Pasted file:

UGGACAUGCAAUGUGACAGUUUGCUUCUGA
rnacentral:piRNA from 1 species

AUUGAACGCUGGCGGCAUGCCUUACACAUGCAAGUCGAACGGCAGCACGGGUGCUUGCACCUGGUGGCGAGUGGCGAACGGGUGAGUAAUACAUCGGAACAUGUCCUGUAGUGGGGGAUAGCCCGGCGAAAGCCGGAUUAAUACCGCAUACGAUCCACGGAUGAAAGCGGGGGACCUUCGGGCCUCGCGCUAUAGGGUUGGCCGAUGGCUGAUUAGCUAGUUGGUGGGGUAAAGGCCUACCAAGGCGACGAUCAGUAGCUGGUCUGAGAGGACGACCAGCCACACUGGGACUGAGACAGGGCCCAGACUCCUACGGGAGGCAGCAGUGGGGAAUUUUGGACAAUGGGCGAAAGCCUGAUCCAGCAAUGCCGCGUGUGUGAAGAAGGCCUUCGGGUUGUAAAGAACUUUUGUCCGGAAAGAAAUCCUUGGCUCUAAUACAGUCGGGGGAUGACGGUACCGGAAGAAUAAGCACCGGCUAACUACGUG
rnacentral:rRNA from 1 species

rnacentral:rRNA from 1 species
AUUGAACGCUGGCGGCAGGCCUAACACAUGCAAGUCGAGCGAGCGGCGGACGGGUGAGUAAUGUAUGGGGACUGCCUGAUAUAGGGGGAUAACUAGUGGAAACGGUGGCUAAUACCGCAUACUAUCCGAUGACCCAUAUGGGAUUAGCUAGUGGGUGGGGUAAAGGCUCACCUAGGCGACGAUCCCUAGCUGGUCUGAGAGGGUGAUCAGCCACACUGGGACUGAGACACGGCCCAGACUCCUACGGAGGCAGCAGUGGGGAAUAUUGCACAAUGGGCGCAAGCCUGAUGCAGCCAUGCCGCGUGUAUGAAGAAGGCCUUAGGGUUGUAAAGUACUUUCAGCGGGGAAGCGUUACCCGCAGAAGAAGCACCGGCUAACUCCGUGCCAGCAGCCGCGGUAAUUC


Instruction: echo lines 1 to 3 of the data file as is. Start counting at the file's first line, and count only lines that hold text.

UGGACAUGCAAUGUGACAGUUUGCUUCUGA
rnacentral:piRNA from 1 species

AUUGAACGCUGGCGGCAUGCCUUACACAUGCAAGUCGAACGGCAGCACGGGUGCUUGCACCUGGUGGCGAGUGGCGAACGGGUGAGUAAUACAUCGGAACAUGUCCUGUAGUGGGGGAUAGCCCGGCGAAAGCCGGAUUAAUACCGCAUACGAUCCACGGAUGAAAGCGGGGGACCUUCGGGCCUCGCGCUAUAGGGUUGGCCGAUGGCUGAUUAGCUAGUUGGUGGGGUAAAGGCCUACCAAGGCGACGAUCAGUAGCUGGUCUGAGAGGACGACCAGCCACACUGGGACUGAGACAGGGCCCAGACUCCUACGGGAGGCAGCAGUGGGGAAUUUUGGACAAUGGGCGAAAGCCUGAUCCAGCAAUGCCGCGUGUGUGAAGAAGGCCUUCGGGUUGUAAAGAACUUUUGUCCGGAAAGAAAUCCUUGGCUCUAAUACAGUCGGGGGAUGACGGUACCGGAAGAAUAAGCACCGGCUAACUACGUG